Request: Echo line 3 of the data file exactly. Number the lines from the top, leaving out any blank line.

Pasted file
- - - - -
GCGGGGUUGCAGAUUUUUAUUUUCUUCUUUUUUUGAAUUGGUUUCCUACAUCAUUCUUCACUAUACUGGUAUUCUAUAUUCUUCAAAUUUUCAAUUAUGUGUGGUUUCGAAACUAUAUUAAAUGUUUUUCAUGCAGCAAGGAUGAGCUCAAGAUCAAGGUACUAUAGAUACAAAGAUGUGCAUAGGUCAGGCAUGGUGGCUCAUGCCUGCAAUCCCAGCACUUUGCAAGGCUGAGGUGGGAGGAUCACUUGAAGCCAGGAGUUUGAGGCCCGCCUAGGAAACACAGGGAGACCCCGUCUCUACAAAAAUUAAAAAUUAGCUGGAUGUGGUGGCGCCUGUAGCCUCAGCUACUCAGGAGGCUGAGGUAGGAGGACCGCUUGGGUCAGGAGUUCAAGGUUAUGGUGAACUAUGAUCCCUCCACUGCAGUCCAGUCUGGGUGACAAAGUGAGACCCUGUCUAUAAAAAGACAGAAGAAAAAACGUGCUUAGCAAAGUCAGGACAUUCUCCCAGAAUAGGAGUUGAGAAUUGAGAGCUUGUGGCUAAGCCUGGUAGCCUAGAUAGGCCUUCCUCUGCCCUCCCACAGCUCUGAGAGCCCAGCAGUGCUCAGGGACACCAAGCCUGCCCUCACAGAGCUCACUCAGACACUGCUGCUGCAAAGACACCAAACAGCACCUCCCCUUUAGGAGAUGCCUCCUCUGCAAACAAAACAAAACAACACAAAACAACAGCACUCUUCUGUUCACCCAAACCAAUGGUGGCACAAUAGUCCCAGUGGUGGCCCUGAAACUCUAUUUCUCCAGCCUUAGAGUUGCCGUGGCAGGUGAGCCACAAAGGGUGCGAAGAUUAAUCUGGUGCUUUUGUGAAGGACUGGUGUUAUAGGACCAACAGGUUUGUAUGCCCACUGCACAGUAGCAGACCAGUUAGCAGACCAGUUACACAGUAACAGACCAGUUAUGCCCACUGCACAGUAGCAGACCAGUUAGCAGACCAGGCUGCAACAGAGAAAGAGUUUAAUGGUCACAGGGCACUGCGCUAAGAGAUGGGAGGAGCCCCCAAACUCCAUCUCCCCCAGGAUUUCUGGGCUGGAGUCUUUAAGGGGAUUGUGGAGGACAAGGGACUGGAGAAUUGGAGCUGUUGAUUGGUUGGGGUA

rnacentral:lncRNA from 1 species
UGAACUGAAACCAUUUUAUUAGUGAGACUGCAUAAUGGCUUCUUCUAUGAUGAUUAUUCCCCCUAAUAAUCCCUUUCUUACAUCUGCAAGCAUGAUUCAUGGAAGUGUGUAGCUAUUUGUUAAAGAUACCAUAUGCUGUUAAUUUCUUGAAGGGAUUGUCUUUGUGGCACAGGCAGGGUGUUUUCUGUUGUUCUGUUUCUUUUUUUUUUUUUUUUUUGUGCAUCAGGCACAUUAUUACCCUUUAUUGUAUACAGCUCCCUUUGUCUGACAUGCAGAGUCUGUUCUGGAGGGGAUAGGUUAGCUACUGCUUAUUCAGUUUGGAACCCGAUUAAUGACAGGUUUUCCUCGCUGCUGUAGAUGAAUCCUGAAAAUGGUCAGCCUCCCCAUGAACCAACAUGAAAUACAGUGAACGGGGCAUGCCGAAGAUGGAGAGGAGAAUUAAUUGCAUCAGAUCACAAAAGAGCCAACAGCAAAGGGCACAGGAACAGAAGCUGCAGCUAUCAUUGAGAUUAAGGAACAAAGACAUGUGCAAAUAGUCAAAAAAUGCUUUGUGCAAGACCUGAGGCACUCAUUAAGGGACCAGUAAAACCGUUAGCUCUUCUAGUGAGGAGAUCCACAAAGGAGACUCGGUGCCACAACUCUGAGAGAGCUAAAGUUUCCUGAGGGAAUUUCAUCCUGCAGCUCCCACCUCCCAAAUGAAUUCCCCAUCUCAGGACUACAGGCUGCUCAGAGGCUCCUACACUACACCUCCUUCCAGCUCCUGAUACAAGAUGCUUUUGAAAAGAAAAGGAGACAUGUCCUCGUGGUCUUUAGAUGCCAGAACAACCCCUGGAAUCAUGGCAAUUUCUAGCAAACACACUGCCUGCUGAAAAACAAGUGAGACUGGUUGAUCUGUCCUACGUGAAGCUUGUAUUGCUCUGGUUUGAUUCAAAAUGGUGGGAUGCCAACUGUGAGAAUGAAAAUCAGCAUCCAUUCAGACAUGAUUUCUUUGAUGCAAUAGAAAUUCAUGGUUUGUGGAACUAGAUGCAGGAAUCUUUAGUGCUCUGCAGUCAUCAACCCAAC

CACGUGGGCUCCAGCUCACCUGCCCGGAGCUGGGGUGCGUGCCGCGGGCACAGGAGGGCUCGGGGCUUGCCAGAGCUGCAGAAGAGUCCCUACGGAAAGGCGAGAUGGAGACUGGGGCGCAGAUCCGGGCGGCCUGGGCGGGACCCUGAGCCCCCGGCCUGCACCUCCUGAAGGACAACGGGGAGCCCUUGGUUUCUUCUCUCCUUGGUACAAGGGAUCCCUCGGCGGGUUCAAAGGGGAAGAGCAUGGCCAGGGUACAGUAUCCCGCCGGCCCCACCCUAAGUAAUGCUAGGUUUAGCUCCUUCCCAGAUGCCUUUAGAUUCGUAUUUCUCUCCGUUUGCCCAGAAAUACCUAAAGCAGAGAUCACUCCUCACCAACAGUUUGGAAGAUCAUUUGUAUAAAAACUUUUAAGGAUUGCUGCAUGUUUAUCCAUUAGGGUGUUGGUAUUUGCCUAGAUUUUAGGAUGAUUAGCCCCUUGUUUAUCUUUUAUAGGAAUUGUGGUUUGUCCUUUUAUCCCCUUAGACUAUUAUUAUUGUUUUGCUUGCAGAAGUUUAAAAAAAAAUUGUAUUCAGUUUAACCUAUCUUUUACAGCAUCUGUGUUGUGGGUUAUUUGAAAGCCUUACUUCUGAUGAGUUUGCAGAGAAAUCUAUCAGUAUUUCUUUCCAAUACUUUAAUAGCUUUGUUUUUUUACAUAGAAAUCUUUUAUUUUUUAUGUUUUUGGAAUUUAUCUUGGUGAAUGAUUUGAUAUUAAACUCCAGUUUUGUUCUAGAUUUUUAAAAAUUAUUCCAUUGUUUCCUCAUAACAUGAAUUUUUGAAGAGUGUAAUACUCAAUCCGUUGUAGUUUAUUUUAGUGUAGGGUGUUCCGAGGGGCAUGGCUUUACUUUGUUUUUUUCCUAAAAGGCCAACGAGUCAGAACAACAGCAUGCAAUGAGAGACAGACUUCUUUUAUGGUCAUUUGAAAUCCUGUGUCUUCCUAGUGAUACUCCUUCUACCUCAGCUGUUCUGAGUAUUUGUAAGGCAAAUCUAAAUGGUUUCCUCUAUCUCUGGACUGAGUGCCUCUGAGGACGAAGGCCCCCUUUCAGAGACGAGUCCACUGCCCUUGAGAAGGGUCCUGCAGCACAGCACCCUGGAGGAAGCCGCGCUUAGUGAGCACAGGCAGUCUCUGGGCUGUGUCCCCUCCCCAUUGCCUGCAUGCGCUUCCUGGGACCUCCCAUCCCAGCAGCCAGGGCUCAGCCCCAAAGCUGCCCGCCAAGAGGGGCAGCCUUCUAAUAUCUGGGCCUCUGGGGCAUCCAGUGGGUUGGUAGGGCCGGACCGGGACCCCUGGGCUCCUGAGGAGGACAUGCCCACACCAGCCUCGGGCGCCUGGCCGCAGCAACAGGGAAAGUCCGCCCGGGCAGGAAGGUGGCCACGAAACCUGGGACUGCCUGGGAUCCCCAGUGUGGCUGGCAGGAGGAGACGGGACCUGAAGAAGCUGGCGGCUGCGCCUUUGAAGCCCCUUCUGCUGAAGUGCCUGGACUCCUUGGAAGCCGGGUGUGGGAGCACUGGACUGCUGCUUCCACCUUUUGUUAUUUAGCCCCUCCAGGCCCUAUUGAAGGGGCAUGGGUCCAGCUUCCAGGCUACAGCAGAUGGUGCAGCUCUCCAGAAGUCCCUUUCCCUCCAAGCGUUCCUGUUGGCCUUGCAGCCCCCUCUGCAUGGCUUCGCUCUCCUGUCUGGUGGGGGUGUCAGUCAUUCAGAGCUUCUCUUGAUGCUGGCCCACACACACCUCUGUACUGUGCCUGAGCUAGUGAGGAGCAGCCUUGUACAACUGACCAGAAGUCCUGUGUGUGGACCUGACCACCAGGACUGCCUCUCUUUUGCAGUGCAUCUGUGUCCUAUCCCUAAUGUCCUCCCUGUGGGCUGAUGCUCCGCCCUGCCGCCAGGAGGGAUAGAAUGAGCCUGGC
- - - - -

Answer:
UGAACUGAAACCAUUUUAUUAGUGAGACUGCAUAAUGGCUUCUUCUAUGAUGAUUAUUCCCCCUAAUAAUCCCUUUCUUACAUCUGCAAGCAUGAUUCAUGGAAGUGUGUAGCUAUUUGUUAAAGAUACCAUAUGCUGUUAAUUUCUUGAAGGGAUUGUCUUUGUGGCACAGGCAGGGUGUUUUCUGUUGUUCUGUUUCUUUUUUUUUUUUUUUUUUGUGCAUCAGGCACAUUAUUACCCUUUAUUGUAUACAGCUCCCUUUGUCUGACAUGCAGAGUCUGUUCUGGAGGGGAUAGGUUAGCUACUGCUUAUUCAGUUUGGAACCCGAUUAAUGACAGGUUUUCCUCGCUGCUGUAGAUGAAUCCUGAAAAUGGUCAGCCUCCCCAUGAACCAACAUGAAAUACAGUGAACGGGGCAUGCCGAAGAUGGAGAGGAGAAUUAAUUGCAUCAGAUCACAAAAGAGCCAACAGCAAAGGGCACAGGAACAGAAGCUGCAGCUAUCAUUGAGAUUAAGGAACAAAGACAUGUGCAAAUAGUCAAAAAAUGCUUUGUGCAAGACCUGAGGCACUCAUUAAGGGACCAGUAAAACCGUUAGCUCUUCUAGUGAGGAGAUCCACAAAGGAGACUCGGUGCCACAACUCUGAGAGAGCUAAAGUUUCCUGAGGGAAUUUCAUCCUGCAGCUCCCACCUCCCAAAUGAAUUCCCCAUCUCAGGACUACAGGCUGCUCAGAGGCUCCUACACUACACCUCCUUCCAGCUCCUGAUACAAGAUGCUUUUGAAAAGAAAAGGAGACAUGUCCUCGUGGUCUUUAGAUGCCAGAACAACCCCUGGAAUCAUGGCAAUUUCUAGCAAACACACUGCCUGCUGAAAAACAAGUGAGACUGGUUGAUCUGUCCUACGUGAAGCUUGUAUUGCUCUGGUUUGAUUCAAAAUGGUGGGAUGCCAACUGUGAGAAUGAAAAUCAGCAUCCAUUCAGACAUGAUUUCUUUGAUGCAAUAGAAAUUCAUGGUUUGUGGAACUAGAUGCAGGAAUCUUUAGUGCUCUGCAGUCAUCAACCCAAC